Institutions, private sector and growth

Traditional analyses of public policy on entrepreneurship focus on the effects of taxation, subsidies and governmental services such as entrepreneurial training and provision of social insurance, risk taking and occupational choice (Hyytinen and Takalo 2003).

Recent studies address roles of institutions and improvement of the business climate through the reforms and regimentations that constitute a major interest of the Doing Business programme. For Chemin (2009), for instance, a less developed legal system constitutes an obstacle to entrepreneurship; the weakness of the legal system reduces the incentive to start an activity because it limits the security of property rights, thus diminishing the possibilities to access credit. The improvement of the legal system is therefore fundamental for economic growth.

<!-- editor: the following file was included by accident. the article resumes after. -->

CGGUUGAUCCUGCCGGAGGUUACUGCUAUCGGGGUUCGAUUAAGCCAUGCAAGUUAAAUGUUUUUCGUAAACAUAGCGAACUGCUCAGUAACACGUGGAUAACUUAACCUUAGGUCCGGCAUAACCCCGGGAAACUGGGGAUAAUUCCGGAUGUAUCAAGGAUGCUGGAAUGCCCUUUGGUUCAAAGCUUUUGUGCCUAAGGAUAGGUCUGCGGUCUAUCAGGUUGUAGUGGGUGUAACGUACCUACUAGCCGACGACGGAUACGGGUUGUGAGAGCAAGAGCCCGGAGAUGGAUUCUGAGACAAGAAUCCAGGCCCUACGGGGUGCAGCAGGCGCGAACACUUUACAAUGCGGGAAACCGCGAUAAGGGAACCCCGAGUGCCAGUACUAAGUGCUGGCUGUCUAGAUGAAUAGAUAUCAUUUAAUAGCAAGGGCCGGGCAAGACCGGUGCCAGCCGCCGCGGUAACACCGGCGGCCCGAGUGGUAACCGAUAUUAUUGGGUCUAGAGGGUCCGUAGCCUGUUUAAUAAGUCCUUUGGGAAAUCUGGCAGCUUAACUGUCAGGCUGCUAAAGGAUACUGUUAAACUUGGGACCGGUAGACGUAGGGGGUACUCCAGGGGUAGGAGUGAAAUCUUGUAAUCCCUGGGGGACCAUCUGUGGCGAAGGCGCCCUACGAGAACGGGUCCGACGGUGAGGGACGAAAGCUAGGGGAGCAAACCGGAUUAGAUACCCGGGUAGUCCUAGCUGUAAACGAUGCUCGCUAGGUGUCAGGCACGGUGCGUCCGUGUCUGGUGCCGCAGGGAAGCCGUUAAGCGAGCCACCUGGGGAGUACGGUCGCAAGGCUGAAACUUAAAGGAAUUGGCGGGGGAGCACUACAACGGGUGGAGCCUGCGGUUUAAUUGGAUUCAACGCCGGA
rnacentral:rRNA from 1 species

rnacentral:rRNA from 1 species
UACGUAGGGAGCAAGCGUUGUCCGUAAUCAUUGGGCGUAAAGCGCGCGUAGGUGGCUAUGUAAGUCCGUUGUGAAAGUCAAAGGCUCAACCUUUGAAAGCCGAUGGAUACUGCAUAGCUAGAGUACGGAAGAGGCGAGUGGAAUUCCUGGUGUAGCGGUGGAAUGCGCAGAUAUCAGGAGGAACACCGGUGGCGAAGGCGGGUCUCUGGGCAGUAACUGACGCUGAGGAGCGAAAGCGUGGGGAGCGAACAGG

The judiciary may affect entrepreneurship through two mechanisms. First, efficient judiciaries that swiftly punish law violations may improve entrepreneurs’ confidence in their property rights. Johnson et al. (2000) show in a theoretical model that an improvement of the level of laws attracts more businesses towards the formal economy - this process can later be reinforced by a larger fiscal base. Second, the legal institutions can affect entrepreneurship through the credit markets. According to Bianco et al. (2005), a key function of courts in credit relationships is to force solvent borrowers to repay when they fail to do so spontaneously. The study explains that poor judicial enforcement increases opportunistic behaviour in borrowers. Anticipating that creditors will not be able to recover their loans easily and cheaply via courts, borrowers are more tempted to default. Creditors respond to this strategic behaviour by reducing credit availability.

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